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Politics House GOP's McClain responds to Pelosi calling her 'that woman'

02:40  20 april  2021
02:40  20 april  2021 Source:   thehill.com

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Rep. Lisa McClain (R-Mich.) on Monday said she would not apologize after House Speaker Nancy Pelosi (D-Calif.) called her out as "that woman" while McClain made remarks on the House floor Monday criticizing Rep. Maxine Waters (D-Calif.) who called for racial justice advocates in Minnesota. over the weekend to "get more confrontation."

a person wearing a suit and tie: House GOP's McClain responds to Pelosi calling her 'that woman' © Greg Nash House GOP's McClain responds to Pelosi calling her 'that woman'

"As "that woman," no I won't apologize for calling out the double standards that you have set @SpeakerPelosi," McClain wrote on Twitter.

Waters on Saturday night, during a visit to Brooklyn Center, Minn., the town where 20-year-old Daunte Wright, a Black man, was shot and killed by a police officer last week, was asked what protesters in the streets should do if former Minneapolis Police officer Derek Chauvin, whose trial in the killing of another Black man, George Floyd, was taking place nearby, is found not guilty.

"We've got to stay on the street, and we've got to get more active, we've got to get more confrontational, we've got to make sure that they know that we mean business," Waters responded.

Waters' comments, which came two days before closing arguments in Chauvin's murder trial, sparked backlash among Republicans, with several members, including McClain, accusing Waters of inciting violence.

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"Once again, this weekend, we saw a member of the majority openly call for more confrontation in a Minneapolis suburb," McClain said during her floor speech. "That very night, there was a drive-by shooting in that community where police and the National Guardsmen were targeted. If this were reversed, if this was said by a Republican, you know that the majority in this chamber would move to strip that representative of their committees and possibly to expel them from Congress."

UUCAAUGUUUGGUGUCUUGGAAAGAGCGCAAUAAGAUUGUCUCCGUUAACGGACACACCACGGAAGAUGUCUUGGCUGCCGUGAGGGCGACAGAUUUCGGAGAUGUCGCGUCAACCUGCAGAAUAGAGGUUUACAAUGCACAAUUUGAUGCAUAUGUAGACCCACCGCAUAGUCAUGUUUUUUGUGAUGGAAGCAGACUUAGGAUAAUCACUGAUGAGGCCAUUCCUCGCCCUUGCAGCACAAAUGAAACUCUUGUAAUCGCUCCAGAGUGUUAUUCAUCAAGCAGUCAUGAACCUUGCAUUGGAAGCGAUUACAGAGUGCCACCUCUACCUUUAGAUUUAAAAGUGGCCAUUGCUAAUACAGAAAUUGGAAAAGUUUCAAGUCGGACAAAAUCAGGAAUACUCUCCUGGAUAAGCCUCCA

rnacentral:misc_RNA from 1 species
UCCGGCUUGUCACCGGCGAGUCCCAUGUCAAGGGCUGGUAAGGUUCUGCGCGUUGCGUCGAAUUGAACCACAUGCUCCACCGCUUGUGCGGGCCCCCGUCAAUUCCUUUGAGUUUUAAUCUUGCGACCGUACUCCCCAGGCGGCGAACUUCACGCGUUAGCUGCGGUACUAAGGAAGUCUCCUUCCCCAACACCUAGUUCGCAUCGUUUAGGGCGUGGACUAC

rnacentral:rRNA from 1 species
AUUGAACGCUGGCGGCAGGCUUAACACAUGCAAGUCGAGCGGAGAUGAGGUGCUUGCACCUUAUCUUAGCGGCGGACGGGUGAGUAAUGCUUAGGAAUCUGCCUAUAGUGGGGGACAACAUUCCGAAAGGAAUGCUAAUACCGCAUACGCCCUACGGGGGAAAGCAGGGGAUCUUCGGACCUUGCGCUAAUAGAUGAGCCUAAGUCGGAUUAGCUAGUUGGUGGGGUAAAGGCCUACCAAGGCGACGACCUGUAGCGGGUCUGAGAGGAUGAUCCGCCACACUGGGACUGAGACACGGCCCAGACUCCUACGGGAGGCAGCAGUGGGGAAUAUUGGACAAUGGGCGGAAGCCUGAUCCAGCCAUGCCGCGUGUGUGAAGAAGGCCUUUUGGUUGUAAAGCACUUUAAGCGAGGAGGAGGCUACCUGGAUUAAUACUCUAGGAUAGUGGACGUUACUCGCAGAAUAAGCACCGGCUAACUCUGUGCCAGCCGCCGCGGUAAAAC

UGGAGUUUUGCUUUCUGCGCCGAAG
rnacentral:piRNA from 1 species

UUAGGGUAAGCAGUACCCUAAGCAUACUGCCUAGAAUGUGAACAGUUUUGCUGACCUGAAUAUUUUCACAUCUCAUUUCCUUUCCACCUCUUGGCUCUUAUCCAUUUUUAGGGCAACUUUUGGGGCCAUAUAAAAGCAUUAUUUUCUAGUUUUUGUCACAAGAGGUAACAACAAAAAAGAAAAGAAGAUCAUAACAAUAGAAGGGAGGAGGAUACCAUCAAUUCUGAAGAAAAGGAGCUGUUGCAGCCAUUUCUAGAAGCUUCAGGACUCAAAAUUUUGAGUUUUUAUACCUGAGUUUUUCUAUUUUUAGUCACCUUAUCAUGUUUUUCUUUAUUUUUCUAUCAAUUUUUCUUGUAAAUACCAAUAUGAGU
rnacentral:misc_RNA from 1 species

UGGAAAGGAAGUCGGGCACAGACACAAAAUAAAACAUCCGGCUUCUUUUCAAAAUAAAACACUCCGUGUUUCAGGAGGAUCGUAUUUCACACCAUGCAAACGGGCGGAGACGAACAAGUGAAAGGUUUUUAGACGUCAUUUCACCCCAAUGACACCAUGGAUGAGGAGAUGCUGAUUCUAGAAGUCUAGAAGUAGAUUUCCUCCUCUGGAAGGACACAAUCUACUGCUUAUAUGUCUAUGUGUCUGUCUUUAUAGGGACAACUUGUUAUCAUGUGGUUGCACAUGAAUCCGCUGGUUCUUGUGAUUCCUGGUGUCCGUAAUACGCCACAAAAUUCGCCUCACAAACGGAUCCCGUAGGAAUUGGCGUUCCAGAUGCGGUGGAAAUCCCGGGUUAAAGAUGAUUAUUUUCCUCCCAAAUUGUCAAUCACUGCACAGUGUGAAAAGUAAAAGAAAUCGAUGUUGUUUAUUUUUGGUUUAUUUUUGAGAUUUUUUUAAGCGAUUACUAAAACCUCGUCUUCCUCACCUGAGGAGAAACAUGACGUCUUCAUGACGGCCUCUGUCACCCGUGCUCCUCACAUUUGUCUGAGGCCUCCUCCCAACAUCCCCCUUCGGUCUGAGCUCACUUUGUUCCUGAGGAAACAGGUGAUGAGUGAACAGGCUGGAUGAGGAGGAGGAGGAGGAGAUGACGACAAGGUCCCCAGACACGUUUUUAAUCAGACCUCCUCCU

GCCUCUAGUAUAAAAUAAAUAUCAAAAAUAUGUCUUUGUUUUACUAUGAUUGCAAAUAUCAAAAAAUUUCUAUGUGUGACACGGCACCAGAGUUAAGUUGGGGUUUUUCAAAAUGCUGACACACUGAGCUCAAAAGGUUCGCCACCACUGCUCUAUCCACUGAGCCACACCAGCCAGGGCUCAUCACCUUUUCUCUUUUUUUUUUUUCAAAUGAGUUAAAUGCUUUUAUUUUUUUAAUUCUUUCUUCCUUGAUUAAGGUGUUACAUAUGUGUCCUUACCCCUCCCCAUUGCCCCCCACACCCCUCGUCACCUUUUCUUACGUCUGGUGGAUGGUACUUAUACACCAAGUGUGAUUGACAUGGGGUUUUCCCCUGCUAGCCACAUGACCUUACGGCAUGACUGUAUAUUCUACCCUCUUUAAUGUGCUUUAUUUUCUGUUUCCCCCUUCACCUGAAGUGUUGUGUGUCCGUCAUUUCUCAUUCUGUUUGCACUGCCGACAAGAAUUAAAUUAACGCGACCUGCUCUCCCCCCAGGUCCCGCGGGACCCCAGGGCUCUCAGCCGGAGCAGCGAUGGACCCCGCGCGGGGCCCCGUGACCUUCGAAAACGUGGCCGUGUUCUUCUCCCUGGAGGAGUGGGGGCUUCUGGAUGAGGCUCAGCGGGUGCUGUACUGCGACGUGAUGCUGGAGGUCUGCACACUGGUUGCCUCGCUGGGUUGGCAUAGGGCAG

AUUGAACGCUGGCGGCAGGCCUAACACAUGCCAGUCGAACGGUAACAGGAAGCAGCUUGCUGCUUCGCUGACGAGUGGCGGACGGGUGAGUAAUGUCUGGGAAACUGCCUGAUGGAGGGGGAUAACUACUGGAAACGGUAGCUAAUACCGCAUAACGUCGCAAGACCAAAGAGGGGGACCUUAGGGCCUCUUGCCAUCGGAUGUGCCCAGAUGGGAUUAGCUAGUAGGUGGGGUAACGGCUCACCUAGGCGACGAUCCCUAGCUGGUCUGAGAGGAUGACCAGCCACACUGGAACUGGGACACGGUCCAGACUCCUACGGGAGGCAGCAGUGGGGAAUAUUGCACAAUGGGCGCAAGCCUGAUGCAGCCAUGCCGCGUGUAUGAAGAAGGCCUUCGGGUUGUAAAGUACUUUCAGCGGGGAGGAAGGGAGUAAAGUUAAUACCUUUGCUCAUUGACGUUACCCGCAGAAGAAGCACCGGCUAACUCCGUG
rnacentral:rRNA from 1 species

When asked by a reporter if Waters should apologize for her comments, Pelosi said she did not, and instead called out McClain for her remarks.

"That woman on the floor should be apologizing for what she said," Pelosi said Monday, referencing McClain's speech.

McClain on Twitter shortly after Pelosi's comments said she would not apologize for calling out "double standards" she believed were set by the House speaker.

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Waters, however, defended herself from the GOP criticism, telling The Grio on Monday that she is "nonviolent," adding that she is "not worried that they're going to continue to distort what I say. This is who they are and this is how they act. And I'm not going to be bullied by them."

House Minority Leader Kevin McCarthy (R-Calif.) also accused Waters of condoning political violence.

Waters became an aspect of the Chauvin trial on Monday, after defense attorney Eric Nelson argued that Waters' comments could have prejudiced the jury, and were grounds for a mistrial.

The judge Nelson's motion for a mistrial, but did say that he wished elected officials would stop talking about the case, especially in a manner that is "disrespectful to the rule of law."

"If they want to give their opinions they should do so ... in a manner that is consistent with their oath to the Constitution," he continued.

In a tweet on Monday, McCarthy said he planned to introduce a resolution to censure Waters for her "dangerous" comments, adding that the congresswoman "broke the law by violating curfew and then indicted violence."

On Sunday, Rep. Marjorie Taylor Greene (R-Ga.) announced that she planned to introduce a resolution to expel Waters "for her continual incitement of violence."

Democrats seek to keep spotlight on Capitol siege .
Democrats are scrambling to keep the Jan. 6 insurrection in the public eye, pressing Republicans to back a months-long investigation into the deadly rampage that would shine a spotlight on former President Trump's role in the attack.House GOP leaders have endorsed the concept of a bipartisan commission, similar to the one formed after the 9/11 attacks. But Republicans are also eager to move beyond discussions of the Capitol siege, which was carried out by a pro-Trump mob seeking to overturn his election defeat - and sparked an animated debate about the threat of far-right extremism around the country.

usr: 1
This is interesting!